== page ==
Dear RezilientKidz Team,

What are your thoughts on the subject of kids and technological devices? We have both teens and pre-teens in the home, and I’m having trouble with all of them when it comes to limiting the amount of time they spend with phones, tablets, and computers. Is this normal? 


Is it ever!  According to a 2010 Pew Research Center survey, eighty-eight percent of kids between the ages of thirteen and seventeen have smartphones. And Influence Central’s 2016 Digital Trends Study indicates that the average child now gets his or her first phone at age ten! So if you think you’re alone in your struggles, think again. Technology-based conflicts between moms, dads, and children are becoming one of the most common features of the contemporary parenting landscape.  

This particular parenting challenge falls under the heading of “Boundaries and Expectations,” one of Search Institute’s categories of Assets all children need to grow up healthy, caring and responsible. The boundaries and expectations that they’ve discovered, through decades of research, are imperative for every child: Family Boundaries, School Boundaries, Neighborhood Boundaries, Adult Role Models, Positive Peer Influence and High Expectations.

When you do take active measures to implement these important boundaries and expectations, you’ll discover that any attempt on your part to set limits is almost certain to lead to conflict. Children naturally test boundaries, so don’t draw your line in the sand unless you’re ready to defend it.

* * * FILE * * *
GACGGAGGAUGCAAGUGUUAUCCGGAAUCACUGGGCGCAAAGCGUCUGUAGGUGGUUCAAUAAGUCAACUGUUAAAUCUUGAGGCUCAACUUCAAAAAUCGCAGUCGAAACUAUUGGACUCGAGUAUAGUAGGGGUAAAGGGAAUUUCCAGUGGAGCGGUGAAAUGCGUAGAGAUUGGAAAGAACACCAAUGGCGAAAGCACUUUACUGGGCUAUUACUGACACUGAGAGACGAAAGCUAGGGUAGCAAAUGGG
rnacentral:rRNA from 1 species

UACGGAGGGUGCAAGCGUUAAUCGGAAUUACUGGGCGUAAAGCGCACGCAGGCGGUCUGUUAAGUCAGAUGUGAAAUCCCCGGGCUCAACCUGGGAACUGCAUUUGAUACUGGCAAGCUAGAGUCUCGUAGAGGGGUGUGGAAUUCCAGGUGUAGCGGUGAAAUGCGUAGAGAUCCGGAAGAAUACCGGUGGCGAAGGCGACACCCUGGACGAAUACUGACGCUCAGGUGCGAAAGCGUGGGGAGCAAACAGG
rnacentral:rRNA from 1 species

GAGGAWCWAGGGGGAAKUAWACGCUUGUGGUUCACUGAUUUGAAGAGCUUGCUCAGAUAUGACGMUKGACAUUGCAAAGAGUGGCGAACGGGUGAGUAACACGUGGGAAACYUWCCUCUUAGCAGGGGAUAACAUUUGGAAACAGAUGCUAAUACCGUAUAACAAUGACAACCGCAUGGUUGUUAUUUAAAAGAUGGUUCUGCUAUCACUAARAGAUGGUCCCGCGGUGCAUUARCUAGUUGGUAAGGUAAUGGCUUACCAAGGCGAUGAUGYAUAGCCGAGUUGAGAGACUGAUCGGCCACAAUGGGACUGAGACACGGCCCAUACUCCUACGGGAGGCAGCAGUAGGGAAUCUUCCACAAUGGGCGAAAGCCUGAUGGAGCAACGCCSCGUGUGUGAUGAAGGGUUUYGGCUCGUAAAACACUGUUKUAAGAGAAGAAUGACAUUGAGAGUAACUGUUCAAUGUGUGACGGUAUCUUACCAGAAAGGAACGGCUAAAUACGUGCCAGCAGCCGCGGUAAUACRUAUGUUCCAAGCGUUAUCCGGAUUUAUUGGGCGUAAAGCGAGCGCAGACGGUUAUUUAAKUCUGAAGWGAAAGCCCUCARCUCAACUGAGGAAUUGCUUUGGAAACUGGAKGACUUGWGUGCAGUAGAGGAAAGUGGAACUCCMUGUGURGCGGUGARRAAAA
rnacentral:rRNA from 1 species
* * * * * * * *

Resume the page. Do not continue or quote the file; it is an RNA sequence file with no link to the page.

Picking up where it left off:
Technology presents extra-special challenges in this regard. We all know that technology is alluring and fascinating. Devices like iPhones and iPads are designed to captivate. This is true for grown-ups as well as for kids. So it’s no surprise that, according to the latest research, youngsters are now consuming technology on an average of eight hours per day. And their parents aren’t far behind!

Don’t get me wrong. I’m not saying that phones and computers are all bad. Far from it. French fries aren’t all bad, but they could be if you ate nothing else. Balance is the key to good health in every area of life. Unfortunately, it’s particularly difficult to achieve where kids and their devices are concerned. 

That’s where the need for solid boundaries comes into play. Here are a few simple steps you can follow to establish good limits in your home:

  • Be consistent.
  • Be clear and specific. For example, you might say, “No phones at the dinner table, and no computer games until homework is finished. No more than two hours of screen time per day.” Put the rules in writing, have the kids sign the document, and post it on your refrigerator. Establish and enforce clear consequences for infringements of the rules. And make sure you take time to celebrate the trust and freedom that is built when the rules are respected.
  • Model the limits. Let your children see that the rules also apply to you.
  • Know your child. Some kids can handle limits well while others have difficulty in this area. Remember that respect for limits is something that has to be taught – it doesn’t come automatically to most of us. And don’t rush your younger children into the world of technological temptation. Nobody needs a smartphone at age ten!

When it comes right down to it, limits are an expression of love. So do yourself and your children a favor by setting clear limits on the use of technology in your household. You’ll be glad you did!